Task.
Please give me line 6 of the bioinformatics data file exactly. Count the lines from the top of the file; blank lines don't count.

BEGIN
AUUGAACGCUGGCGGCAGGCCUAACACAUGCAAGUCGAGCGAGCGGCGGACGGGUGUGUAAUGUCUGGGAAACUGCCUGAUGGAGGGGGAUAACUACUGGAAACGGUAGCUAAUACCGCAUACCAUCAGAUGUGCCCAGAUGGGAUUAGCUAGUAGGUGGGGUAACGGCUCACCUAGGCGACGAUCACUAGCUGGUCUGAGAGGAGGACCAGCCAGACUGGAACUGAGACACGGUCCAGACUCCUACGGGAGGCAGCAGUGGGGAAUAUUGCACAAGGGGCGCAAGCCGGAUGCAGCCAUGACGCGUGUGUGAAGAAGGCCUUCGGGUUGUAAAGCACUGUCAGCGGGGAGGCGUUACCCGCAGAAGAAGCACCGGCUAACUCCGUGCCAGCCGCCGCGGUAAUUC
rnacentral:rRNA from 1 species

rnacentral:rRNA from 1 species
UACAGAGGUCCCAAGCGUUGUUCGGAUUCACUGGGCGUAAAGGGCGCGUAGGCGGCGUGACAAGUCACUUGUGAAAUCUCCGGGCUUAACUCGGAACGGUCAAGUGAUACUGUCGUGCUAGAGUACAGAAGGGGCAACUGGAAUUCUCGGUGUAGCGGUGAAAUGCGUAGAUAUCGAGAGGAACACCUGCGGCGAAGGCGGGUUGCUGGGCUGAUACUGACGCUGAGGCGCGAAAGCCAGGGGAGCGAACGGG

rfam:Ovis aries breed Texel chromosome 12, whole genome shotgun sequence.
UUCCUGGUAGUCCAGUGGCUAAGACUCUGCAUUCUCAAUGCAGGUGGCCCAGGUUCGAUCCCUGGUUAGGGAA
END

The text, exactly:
UUCCUGGUAGUCCAGUGGCUAAGACUCUGCAUUCUCAAUGCAGGUGGCCCAGGUUCGAUCCCUGGUUAGGGAA